The Transcription Services versions were cut to remove topical and parochial material and anything that might be potentially offensive (and the Goon Show did feature quite a lot of politically incorrect humour, much of it sneaked past the noses of BBC censors). For many years these abridged versions were the only surviving copies of many episodes, but in recent years the BBC has done a huge amount of research work to find and restore the missing footage, often literally from the cutting room floor.
To date, the BBC has released more than 20 CD sets of these remastered episodes, containing over 80 shows, plus "The Last Goon Show of All" and "Goon Again". Another 12 shows had been previously issued by EMI, but for contractual reasons these were all heavily cut to remove musical interludes and other music cues, and to this day they are the only commercially available versions of those particular episodes.
The show was extremely influential.
The future members of Monty Python's Flying Circus were fans,
but ironically at the time their efforts over-shadowed Milligan's later TV efforts. However now the Circus seems to be more quoted.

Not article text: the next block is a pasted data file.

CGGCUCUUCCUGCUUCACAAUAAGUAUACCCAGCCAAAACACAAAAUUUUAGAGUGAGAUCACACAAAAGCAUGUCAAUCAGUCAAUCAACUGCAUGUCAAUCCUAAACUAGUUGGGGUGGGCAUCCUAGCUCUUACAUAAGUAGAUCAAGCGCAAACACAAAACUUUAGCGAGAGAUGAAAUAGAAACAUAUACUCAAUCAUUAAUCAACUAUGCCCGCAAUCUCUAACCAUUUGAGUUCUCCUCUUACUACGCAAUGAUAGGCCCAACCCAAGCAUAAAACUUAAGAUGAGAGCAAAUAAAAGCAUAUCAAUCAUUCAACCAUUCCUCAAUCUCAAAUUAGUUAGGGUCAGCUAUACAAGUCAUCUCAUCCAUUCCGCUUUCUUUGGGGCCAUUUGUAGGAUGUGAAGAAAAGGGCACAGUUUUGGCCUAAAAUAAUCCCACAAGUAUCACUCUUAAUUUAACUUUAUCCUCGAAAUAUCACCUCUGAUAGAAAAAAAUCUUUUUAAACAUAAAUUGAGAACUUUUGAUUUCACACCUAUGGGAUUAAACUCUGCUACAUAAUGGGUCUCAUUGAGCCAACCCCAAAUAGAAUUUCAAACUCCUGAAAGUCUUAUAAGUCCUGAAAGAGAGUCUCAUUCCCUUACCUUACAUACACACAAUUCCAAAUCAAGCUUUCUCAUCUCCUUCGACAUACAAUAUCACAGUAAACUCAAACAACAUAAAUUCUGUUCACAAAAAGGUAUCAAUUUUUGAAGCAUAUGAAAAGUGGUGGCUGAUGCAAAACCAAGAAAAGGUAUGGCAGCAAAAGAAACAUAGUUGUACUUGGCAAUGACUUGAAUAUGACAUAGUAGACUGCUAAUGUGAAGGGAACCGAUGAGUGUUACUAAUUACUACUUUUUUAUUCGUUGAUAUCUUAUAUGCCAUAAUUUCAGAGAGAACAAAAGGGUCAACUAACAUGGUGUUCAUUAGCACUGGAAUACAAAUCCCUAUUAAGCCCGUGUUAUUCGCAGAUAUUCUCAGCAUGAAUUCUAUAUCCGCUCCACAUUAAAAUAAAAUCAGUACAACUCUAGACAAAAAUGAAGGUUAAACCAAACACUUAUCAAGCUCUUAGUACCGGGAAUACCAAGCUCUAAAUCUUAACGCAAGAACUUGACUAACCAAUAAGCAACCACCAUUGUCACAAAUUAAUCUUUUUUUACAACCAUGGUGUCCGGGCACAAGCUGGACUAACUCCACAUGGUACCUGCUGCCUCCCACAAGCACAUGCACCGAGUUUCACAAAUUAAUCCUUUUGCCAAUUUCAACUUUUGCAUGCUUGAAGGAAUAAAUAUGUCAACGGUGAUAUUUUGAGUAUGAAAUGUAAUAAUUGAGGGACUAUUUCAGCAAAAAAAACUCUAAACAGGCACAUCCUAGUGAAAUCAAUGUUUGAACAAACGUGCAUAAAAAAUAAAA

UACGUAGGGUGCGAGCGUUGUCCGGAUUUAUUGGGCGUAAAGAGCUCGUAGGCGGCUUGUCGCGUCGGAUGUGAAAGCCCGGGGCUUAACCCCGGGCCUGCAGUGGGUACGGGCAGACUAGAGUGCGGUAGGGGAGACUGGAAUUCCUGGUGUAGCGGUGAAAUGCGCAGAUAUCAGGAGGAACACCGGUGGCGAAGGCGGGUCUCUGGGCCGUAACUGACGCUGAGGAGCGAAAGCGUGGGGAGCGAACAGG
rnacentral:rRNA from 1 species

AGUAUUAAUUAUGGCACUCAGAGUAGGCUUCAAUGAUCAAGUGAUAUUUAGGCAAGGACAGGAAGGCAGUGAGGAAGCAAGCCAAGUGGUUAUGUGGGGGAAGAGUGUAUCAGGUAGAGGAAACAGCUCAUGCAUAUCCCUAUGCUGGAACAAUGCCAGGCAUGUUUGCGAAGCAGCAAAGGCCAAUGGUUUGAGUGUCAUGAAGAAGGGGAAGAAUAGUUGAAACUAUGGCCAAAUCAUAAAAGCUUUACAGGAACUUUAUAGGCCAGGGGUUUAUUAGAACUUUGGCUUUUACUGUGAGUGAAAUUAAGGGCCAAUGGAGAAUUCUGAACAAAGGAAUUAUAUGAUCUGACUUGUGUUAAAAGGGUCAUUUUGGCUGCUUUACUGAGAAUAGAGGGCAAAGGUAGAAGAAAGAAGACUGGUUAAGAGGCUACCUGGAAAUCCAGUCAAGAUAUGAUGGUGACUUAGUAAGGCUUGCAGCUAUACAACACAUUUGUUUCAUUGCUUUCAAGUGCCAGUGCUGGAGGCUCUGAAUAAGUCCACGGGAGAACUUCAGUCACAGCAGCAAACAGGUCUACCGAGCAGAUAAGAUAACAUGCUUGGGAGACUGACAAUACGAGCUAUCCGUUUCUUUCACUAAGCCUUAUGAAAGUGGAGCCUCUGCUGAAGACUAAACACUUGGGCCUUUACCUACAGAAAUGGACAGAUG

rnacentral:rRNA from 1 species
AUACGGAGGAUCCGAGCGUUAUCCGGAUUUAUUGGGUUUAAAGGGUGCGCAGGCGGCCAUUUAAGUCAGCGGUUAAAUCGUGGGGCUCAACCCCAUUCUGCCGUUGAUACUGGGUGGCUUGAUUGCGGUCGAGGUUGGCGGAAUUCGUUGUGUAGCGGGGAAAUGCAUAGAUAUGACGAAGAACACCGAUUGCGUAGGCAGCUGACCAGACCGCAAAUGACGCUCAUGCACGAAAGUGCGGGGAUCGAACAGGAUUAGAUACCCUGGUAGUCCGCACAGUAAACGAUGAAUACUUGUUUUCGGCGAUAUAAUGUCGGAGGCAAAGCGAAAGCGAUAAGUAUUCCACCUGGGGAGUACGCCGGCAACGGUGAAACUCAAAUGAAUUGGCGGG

It is fair to say that British alternative comedy based its modern form on the model created for the Goon Show by Spike Milligan.
- Harry Secombe as
- Neddie Seagoon, usually the hero, affable but gullible idiot, around whom the plot usually revolves.
- Fred Nurke, a Cockney.
- Spike Milligan as
- (The Famous) "Mad Dan" Eccles, idiot supreme.
- Miss Minnie Bannister, elderly spinster with an interesting past.
- Count Moriarty, impecunious French idiot and Grytpype-Thynne's sidekick.
- Throat or Miss Throat, with the very gravelly voice.
- Little Jim, with the single line "He's fallen in the wa-ater".
- Peter Sellers as
- Major Dennis Bloodnok, military cad, lecher and idiot. Seagoon's former officer and in love with Minnie Bannister, to Henry Crun's disgust.
- Hercules Grytpype-Thynne, a suave, well-educated impecunious homosexual cad and swindler. His homosexuality was never mentioned openly in the show, but "came out" in a biographical note in the book The Goon Show Scripts (1972).
- Henry Crun, aged idiot inventor and beau of Minnie Bannister.
- Bluebottle, young lecherous Boy Scout and idiot - often "deaded", pre-dating South Park's Kenny.
- Willium "Mate" Cobblers, working-class cockney idiot.
- Sinjiz Thing, an Indian idiot.
- Michael Bentine was part of the regular cast for the first two seasons, often playing Prof. Osric Pureheart. As a tribute of sorts, unheard characters called Bentine are sometimes referred to in later episodes.